Friday, December 28, 2007

Nomen est omen

The generation of Pinoys born in the last ten years have got to have the most original names of all generations of Filipinos ever since the Spanish came and gave us their names. I realized this one morning when watching Spongebob Squarepants. In the middle of the show, they have a feature called Spongebob's Birthday Bop where our favorite poriferan greets children celebrating their birthdays by posting their names on the screen, and I swear these are some of the most original names and combinations of names I have ever come across. A sample list (I have omitted the family names):

Drix Arnage
Christmay Joy
Atlana
Reham
Jherlyza
Lanz Camanse
Liv Clergy
Clyssaryll Nicolas
Hans Kirzen
Jurgen Riev
Yna Ginelle
Keneizah Elize
Mark Dharel
Zextlher Cian
Girome Daneniel
Napp Danelle and Napp Donelle (twins, I gather)

Vivienne Joyce, Elisha Carlisle, Mikaelle Dominique, Sharmaine Peachy, Yves Laurence, Emiliana Mishka, Micaelah May, Rie Miho, Justene, Grant Frederick, Aldous John Reynold, Liam Alwin, Samira Yani, Alyzza Trixia, Tsini, Juneau, John Bradley, Philline Candace, Yzavella Gwen, Chenly Anne, Phoemella Yvonne, Czerina Jo, Ethan James, Jayden, Ervin, Eryl, Jason Brent, Eihdren Joshua, Resplandor.

The names of people in my generation were the traditional Spanish or American names. In school it's more likely we had classmates with names like Pablo or Edgardo, or Stephen, or Paul, or Andrew. In fact probably the only unique name in the class was Carnilo, and even that sounded traditional. But today's parents--whoo! There seems to be a trend towards over-the-top names. It's as if parents want their kids to stand out, that by bequeathing them with names whose provenance is their own creativity, they somehow bestow upon their offspring some sense of being special. At least they hope so.

Kids' names today are vaguely American, vaguely French, vaguely British, Jewish, Arabic, exotic... and totally Pinoy, a lot of them with unnecessarily doubled letters, the preponderance of the letter Y as a vowel, the affinity for high scoring Scrabble letters like X, Z, K (Zexthler scores a 27; so does Alyzza), and the ubiquitous overworking of poor old letter H. Creative spelling also abounds, as in the reworking of the traditional Chloe into Chlouey, or Lebron James into Levron James (probably because Lebron gets an 8 in Scrabble, while Levron gets a 9).

A recent study shows that names may indeed influence a child's destiny. This was the view of the ancients as well. One wonders what sort of destiny their parents had in mind when they named them. The Chinese Filipinos in my generation gave their children stately names--Washington, Jefferson, Winston--no doubt because they wanted their children to excel. And there is something oddly mellifluous about the rhythm of a monosyllabic Chinese family name and a western 'regal' first name in combo. Plus they also have their Chinese names.

Our Chinese colleagues (Chinese Chinese) also get to give themselves Western names in addition to the Chinese names given them at birth. They do this in college if Im not mistaken, to prepare themselves for the world at large although I never understood the reason for this. Why can't they just use their Chinese names? Some opt for the usual, like Michelle, or James, or Peter, or Eric, and some can get creative: Amyly, Shmily. Some can get downright poetic: Friends, Golden, Four Fires, Dragon, Seaboy. One, for some reason, chose the name Oven. But like I sain, they chose these names for themselves. Our kids have names chosen for them. I wonder what it would be like growing up burdened with a name like Bien Alexandraye. I would be quite a name to live up to. But then again, if you have classmates named Charlz Francoise, Natasha Christelle, Vryle Zhane, or Semn Emmanuel, I suppose you'd blend right in and won't feel any pressure at all.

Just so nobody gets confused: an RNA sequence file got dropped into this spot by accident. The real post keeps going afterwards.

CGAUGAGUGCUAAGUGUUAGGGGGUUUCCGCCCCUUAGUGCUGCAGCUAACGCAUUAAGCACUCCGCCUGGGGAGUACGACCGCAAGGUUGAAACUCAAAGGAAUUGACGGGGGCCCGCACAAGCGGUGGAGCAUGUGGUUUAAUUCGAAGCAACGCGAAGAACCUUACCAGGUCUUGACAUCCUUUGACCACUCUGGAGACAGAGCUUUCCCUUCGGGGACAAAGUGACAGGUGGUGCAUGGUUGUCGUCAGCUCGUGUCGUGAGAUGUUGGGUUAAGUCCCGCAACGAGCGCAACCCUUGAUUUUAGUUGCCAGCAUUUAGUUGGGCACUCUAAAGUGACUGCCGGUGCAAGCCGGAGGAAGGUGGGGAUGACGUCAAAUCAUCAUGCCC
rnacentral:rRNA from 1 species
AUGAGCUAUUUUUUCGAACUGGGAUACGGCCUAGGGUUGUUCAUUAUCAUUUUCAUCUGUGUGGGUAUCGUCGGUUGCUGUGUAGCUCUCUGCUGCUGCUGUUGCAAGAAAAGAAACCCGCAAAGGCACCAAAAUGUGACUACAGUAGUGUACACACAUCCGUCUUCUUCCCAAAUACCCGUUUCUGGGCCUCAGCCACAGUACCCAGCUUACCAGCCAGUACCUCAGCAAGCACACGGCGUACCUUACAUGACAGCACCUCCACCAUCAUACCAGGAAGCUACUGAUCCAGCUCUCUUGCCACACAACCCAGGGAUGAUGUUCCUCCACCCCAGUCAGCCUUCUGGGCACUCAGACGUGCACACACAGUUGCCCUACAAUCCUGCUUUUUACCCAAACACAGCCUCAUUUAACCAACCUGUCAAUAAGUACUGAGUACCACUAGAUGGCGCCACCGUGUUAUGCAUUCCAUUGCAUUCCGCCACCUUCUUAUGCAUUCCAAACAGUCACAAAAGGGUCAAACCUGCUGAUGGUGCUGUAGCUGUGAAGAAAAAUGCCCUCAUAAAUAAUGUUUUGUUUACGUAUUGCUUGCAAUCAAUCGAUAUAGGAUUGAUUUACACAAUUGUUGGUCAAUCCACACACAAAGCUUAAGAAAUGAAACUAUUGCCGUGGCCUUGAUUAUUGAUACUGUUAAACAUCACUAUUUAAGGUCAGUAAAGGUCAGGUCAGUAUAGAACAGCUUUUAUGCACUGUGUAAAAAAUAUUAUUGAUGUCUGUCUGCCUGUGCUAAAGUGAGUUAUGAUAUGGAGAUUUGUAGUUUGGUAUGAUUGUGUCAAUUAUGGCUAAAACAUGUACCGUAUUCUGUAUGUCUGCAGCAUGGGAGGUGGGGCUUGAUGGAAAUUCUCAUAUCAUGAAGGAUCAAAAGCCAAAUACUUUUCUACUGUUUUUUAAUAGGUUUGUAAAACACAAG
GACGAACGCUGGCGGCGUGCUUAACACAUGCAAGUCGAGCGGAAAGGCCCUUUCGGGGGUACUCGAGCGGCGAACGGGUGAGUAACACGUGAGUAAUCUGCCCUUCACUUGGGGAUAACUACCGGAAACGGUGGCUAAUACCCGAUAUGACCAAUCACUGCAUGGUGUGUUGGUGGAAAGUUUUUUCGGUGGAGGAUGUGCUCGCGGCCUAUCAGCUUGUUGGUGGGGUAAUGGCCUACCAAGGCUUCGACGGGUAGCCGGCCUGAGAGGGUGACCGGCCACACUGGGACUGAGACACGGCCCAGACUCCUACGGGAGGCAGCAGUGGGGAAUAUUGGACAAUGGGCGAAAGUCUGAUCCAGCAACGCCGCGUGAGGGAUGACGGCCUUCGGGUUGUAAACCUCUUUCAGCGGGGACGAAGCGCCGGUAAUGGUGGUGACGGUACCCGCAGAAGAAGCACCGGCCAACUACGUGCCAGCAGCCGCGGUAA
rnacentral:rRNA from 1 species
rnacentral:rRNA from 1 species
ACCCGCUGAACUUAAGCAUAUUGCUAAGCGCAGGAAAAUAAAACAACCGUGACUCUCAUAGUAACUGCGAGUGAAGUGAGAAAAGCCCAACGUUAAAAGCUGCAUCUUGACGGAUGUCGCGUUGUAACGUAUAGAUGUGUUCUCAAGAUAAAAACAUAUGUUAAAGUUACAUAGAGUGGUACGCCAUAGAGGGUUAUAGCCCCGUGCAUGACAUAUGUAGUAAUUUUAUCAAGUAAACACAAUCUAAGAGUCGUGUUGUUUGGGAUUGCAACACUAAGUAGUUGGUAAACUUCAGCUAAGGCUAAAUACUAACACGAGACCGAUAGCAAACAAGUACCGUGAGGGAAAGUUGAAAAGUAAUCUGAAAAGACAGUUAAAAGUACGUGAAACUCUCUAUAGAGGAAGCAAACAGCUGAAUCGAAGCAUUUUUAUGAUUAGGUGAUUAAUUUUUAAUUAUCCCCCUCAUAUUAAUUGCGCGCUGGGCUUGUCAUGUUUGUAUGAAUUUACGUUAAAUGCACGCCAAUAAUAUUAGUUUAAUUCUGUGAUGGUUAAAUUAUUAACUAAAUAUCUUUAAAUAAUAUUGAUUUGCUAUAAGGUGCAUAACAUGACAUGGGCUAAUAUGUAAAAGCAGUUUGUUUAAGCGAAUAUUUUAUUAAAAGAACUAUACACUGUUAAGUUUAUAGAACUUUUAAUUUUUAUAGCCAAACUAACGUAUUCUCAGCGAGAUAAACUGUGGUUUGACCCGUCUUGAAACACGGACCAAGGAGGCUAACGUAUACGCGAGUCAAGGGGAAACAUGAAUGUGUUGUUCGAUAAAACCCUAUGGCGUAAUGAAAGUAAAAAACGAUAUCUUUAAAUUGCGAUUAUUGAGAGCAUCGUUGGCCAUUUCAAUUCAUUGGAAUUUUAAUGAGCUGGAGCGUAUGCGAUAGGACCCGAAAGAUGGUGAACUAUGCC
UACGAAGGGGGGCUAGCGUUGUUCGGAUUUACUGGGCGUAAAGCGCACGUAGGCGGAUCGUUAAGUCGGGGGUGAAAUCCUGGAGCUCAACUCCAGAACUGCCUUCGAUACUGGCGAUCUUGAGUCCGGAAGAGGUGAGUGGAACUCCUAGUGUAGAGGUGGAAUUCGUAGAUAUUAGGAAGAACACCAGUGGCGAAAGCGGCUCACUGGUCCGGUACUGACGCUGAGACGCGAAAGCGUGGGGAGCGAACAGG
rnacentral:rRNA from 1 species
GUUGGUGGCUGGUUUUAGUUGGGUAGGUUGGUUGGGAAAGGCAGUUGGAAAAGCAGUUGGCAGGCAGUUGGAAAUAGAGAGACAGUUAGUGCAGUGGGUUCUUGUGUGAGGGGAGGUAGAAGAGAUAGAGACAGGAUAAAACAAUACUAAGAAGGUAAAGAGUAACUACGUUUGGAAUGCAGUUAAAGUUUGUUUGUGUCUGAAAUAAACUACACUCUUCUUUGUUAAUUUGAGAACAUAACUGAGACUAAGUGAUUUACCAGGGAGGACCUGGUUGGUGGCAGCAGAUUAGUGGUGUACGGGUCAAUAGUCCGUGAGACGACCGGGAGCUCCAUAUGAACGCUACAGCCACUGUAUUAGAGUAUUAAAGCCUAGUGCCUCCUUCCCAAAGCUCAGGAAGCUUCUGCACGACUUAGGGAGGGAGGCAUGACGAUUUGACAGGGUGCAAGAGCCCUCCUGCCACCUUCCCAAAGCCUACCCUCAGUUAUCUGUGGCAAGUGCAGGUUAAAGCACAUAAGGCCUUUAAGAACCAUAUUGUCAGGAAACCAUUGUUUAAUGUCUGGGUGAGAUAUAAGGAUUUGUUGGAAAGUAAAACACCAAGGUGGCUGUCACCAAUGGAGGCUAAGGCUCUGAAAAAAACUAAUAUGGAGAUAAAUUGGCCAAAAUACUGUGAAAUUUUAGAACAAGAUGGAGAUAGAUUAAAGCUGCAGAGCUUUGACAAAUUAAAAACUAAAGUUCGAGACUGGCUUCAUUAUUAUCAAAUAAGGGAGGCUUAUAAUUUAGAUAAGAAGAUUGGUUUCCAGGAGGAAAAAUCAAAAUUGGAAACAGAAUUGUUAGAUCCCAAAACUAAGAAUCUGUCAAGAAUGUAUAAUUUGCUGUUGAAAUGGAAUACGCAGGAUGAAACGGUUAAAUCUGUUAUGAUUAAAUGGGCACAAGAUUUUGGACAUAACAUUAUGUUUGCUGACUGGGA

Im sure the Pinoy parents have their kids' best interests at heart when they named them such. They probably have dreams for them and their future and chose their names carefully with much pondering and discussion. Perhaps I am out of touch, but from where I sit, the only destiny I see with names like those are in show business or maybe in sales. Somehow I don't see myself voting for a President Denizel Jherein D. Calubaquib.

5 comments:

Bryan Anthony the First said...

parents are bowel haters

they give their kids bowel-less names...not even a pseudo bowel "y"

FHTZLT... something like that

para syang word verification sa blogger

hahaha

a colorful new year!

Woof!

Anonymous said...

jego, merong tsinoys whose first names are Healthy and Wealthy. magkapatid yon. who'd you rather be? =)

-dkny.ca

Jego said...

We have a colleague in the China office named Wang Dong Dong. He chose as his western name King. So he's now King Wang Dong Dong.

In Utrecht last year, I worked with a man named Johnson who oversaw our project. King arrived and we decided to meet later at a pub downtown. I couldnt resist. I said, "Mr. Wang and Mr. Johnson, together at last."

Johnson said, "I wish we invited Mr. Cockschlagger."

bw said...

Great list ! I am one of those conferred a confusing name and hated my parents for it.

My take on this one is Pinoys have really no love for their culture or perhaps we don't really think that Spanish sounding first names are authentic Pinoy names. Authentic Pinoy names are quite few and no one wants to name their kids Bayani, Ligaya or Luningning anymore !

Jego said...

Yeah, bw. A pity. Pinoy names are beautiful. That's why I gave my girls Tagalog names.